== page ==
Science 360 s picture of the day is a stunner: Blood Falls, a discharge of deep red water off the edge of Taylor glacier in Antarctica.
In the image above, that little beach ball-appearing object on the bottom left is actually a researcher’s tent, giving you a sense of the massive size of the feature.
“Scientists believe a buried saltwater reservoir is partly responsible for the discoloration [in the falls], which is a form of reduced iron,” Science 360 says.
Researchers at Ohio State University concluded the underground lake feeding the falls formed about 5 million years ago when sea levels were higher and the ocean extended deeper into the Antarctic continent.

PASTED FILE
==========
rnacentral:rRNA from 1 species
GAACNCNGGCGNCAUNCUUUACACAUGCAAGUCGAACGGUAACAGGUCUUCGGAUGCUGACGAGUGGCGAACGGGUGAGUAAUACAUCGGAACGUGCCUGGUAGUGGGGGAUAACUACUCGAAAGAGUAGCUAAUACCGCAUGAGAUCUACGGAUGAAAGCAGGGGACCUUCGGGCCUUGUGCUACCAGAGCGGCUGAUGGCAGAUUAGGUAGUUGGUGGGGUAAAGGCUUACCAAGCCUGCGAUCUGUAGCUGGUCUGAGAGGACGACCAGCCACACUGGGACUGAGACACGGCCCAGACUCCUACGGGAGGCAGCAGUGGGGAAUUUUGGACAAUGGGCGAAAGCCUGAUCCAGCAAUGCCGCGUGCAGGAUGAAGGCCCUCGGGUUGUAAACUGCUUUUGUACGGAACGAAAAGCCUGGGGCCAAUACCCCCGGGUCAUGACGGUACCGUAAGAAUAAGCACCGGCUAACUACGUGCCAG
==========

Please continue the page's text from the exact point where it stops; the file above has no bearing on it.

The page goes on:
“This five-story, blood-red “waterfall” pours ever so slowly out of the Taylor Glacier in Antarctica’s McMurdo Dry Valley,” notes Slate whose Atlas Obscura Web site features a remarkable gallery of images.
For more on Blood Falls, check out The Weather Channel’s feature: Blood Falls: Antarctica’s Stunning Secret (PHOTOS) and EarthSky’s piece: Blood Falls, five stories high, seeps from an Antarctic glacier